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Study Hall: New vitamin D tests are inaccurate

According to recent research, new vitamin D tests may be finding deficiencies where there are none.

For Study Hall each week, we sort through the deluge of new medical studies and wordy white papers to bring you one that deserves your attention—in plain, healthy English.

vitamin DVitamin D—that wonderful benefit of summer sunshine—has been shown to stave off osteoporosis, depression, and even cancer. But according to findings presented recently at the Endocrine Society’s annual meeting in Houston, people who are trying to make sure they’re getting enough by having their levels checked may be getting inaccurate information.

The study: Researchers at Loyola University in Chicago wanted to test the accuracy of two new blood tests for vitamin D deficiency. They secured 163 blood samples and performed both new tests on each sample. They then performed a third test on each sample using an established, hands-on, labor-intensive method of measurement (LC/MS), and compared the results.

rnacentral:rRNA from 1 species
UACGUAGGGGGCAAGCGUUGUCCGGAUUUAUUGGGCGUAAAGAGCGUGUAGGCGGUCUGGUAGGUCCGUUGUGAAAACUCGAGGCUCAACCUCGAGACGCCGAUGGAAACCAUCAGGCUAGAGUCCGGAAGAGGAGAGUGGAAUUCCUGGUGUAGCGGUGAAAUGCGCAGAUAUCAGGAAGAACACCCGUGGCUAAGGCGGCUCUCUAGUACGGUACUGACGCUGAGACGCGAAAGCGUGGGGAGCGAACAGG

The results: The new tests overestimated the frequency of vitamin D deficiency in 40 percent of the samples. They showed that 71 and 45 samples were vitamin D deficient, while the established test indicated that just 33 of the samples were. (Given the controversial results, I think we’ll be seeing  peer-review medical study on the topic soon!)

What it means: While blood tests are a great way to figure out a benchmark, they may not tell the whole story when it comes to your vitamin D levels. No matter what the test shows, allow yourself to soak up a limited amount of (unprotected) sun, and eat foods that are rich in or fortified with vitamin D. —Allison Becker